FINMA stated that the Collective Investment Schemes Act ("CISA") is relevant only if the funds raised through an ICO are managed by third parties. To determine whether an issuer will become subject to the CISA, certain factors may be relevant: the company's purpose; its business model; its risk exposure; the company's income and market presence (image), its means of creating economic value; and the number of investors. From a mere technically legal perspective, operating companies that are engaged in business activities, but also foundations established under the Swiss Civil Code which manage the foundation's assets, do not fall within the scope of the CISA, in particular article 7 et seqq. of CISA.

For example, an operating company or a foundation that intends to issue utility tokens or asset tokens in Switzerland, and whose corporate purpose is to produce or procure the development of goods and/or (blockchain-based) services, may, in principle, not fall under the scope of the CISA because its board of directors or its management usually administers the company's assets on its own behalf and account. On the other hand, an issuer that intends to provide a blockchain-based investment advisory ecosystem to token holders may be subject to the CISA if the issuer or its platform carries out investment decisions that have not been directly influenced by the token holders.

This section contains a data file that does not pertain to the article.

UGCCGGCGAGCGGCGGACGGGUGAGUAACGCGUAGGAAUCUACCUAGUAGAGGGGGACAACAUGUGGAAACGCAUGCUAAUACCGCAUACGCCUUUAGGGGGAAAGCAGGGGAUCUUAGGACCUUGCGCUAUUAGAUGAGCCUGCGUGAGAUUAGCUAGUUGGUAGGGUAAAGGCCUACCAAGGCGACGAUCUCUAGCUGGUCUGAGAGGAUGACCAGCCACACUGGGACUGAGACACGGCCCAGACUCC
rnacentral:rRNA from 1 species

In practice, one must carefully assess, on a case-by-case basis, what the issuer's management de facto does, or intends to do, and how the management implements the underlying business model, irrespective of the token-issuing entity's legal form.

2.5 Swiss regulation on anti-money laundering

Swiss regulation on anti-money laundering may apply to a token-issuing entity if the tokens issued constitute payment instruments or assets managed by the issuer or its business model for the token holders.